Oxygen Therapy: Too much is bad | Article Summary

Benefits and harms of supplemental oxygen administration in ICU for critically ill patients

Article featured in ICU management and practice. Bruno Pastene and Marc Leone, Department of and Intensive Care Unit, Hospital Nord Assistance Publique Hôpitaux de Marseille.

Article overview

Oxygen is administered routinely in ICU settings, but are we considering all the risks?

In this article Bruno Pastene and Marc Leone explore the existing literature on the benefits and harms of supplemental oxygen administration in ICU for critically ill patients. They highlight that across clinical studies and found that across clinical studies, there are inconsistencies in the definition of hyperoxia which has led to inconsistencies in findings. (Barbateskovic et al. 2019; Damiani et al. 2014).

Increasing evidence suggests that exposure to hyperoxia during critical illness is associated with impaired outcomes and that conservative oxygen therapy should be a future recommendation in most guidelines. (Barbateskovic et al. 2019; Chu et al. 2018).

“Whereas hypoxia may be viewed as a natural response to injury, hyperoxia is never found except in conditions generated by human interventions. In this sense, oxygen should be assessed as a drug with possible side effects in case of overdosage.”

(B. Pastene, M. Leone 2021)

Risks of Hyperoxia

Pastene and Leone also explore the reported risks of hyperoxia from several randomised trials studied the effects of prolonged hyperoxia by reporting mortality rates in patients treated with a liberal oxygen therapy compared to patients treated with conservative strategy. This was also compounded by studies on the effects of hyperoxia on different indications such as sepsis, post- cardiac arrest, brain injuries and chest trauma.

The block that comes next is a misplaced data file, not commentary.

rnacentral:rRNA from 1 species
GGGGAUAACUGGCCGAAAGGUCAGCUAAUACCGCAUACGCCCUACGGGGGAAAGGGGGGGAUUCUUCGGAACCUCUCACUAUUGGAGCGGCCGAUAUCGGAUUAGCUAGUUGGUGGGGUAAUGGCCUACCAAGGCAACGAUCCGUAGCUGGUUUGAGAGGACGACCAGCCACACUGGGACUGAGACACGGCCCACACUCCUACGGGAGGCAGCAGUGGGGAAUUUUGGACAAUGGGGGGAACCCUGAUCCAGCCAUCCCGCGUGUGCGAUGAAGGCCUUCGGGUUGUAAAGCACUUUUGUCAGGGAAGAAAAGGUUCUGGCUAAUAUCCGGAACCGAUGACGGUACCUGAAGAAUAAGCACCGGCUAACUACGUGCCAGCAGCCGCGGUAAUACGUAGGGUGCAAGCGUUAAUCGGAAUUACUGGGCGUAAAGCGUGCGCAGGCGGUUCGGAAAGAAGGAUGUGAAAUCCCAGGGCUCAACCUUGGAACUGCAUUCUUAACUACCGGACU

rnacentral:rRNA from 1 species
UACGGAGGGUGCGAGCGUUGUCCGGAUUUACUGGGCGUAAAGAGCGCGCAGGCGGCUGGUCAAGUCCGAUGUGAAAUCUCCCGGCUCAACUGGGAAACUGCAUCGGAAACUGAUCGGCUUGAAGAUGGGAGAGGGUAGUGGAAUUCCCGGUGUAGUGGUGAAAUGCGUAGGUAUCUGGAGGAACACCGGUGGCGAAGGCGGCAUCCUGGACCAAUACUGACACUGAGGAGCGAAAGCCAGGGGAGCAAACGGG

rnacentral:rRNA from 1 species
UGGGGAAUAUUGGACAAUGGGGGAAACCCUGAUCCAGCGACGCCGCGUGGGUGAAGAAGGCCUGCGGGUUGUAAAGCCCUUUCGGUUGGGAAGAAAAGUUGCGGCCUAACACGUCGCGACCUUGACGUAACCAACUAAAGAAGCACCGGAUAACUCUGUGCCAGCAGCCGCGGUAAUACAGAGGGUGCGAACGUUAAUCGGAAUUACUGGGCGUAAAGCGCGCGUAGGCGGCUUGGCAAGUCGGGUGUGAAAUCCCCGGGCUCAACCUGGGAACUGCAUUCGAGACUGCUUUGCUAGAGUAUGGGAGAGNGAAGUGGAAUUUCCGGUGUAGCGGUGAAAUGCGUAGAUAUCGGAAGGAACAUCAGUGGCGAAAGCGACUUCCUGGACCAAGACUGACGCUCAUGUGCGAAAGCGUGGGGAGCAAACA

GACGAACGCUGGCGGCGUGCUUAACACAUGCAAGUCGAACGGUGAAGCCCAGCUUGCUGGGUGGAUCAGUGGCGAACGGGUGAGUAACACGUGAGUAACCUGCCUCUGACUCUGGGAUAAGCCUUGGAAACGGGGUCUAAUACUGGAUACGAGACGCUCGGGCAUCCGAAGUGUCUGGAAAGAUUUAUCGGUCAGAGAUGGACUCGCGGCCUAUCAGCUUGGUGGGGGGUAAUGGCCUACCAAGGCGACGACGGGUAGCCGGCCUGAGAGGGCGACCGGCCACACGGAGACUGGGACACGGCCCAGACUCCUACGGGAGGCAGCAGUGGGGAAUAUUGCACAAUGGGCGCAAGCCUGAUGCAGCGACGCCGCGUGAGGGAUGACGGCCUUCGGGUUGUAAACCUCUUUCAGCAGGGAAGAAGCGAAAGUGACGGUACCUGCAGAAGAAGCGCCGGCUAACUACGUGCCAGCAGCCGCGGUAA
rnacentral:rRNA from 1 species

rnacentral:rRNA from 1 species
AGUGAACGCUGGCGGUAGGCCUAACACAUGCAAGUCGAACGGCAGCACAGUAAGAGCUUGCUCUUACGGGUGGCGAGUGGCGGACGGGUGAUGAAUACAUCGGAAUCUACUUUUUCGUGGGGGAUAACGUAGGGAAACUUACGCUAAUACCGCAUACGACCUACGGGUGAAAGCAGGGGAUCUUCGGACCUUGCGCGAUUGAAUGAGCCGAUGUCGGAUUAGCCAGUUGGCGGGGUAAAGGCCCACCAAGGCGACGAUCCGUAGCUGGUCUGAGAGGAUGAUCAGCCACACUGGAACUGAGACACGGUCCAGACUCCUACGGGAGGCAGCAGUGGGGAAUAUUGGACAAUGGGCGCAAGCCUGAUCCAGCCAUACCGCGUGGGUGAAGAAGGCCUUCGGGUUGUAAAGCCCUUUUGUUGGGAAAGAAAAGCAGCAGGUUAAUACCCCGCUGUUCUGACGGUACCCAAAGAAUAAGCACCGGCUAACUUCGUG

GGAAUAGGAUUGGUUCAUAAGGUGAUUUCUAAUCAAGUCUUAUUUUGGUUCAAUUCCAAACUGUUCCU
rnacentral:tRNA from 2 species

These trials concluded that although the risks associated with hypoxemia are great, there are also poor outcomes associated with the administration of high levels of oxygen including increased mortality risks.

Figure a.
Figure a.


In critically ill patients, the trend is to administer high levels of oxygen to counteract the risks of hypoxaemia. This can lead to poor patient outcomes, and it is important to ensure oxygen is not used unnecessarily or administered longer than required. Recommendations are to adopt a less is more strategy and develop personalised approaches to keep patients within the safe zone of the U-shaped curve of hypoxaemia and hyperoxia (Figure a).

Reduce the Risks of Hyperoxia with Automated Oxygen Therapy with Free O2

The FreeO2 Automated Oxygen Therapy Device is not dependant on manual intervention by a healthcare professional, instead it provides oxygen therapy on demand, based on continuous, non-invasive monitoring of oxygen saturation.

FreeO2 will maintain the patient’s oxygen within predetermined levels, and automatically adjusts flow rates and delivery to maintain target oxygenation (SpO2). By using automated oxygen therapy the risk of complications relating to hypoxia and hyperoxia are reduced significantly.

Find out more

Follow the button below to request the full paper, or to find out more about how to reduce the risks of hyperoxia through automated oxygen therapy please email marketing@vygon.co.uk .

Benefits of FreeO2

Patient benefits

Reduced complications

Healthcare workers

Safer, more effective and more efficient

Trust benefits

Faster recovery and reduced length of stay

Oxygen Delivery & Management for COPD Patients

In a study of chronic obstructive pulmonary disorder (COPD) patients, the use of FreeO2 resulted in more effective oxygenation and limited complications as a result of hypoxia and hyperoxia. This resulted in the patients spending 30% less time in hospital. 

To talk to one of our team about any case studies, and the clinical benefits on patient outcomes, email marketing@vygon.co.uk

Published 27th January 2023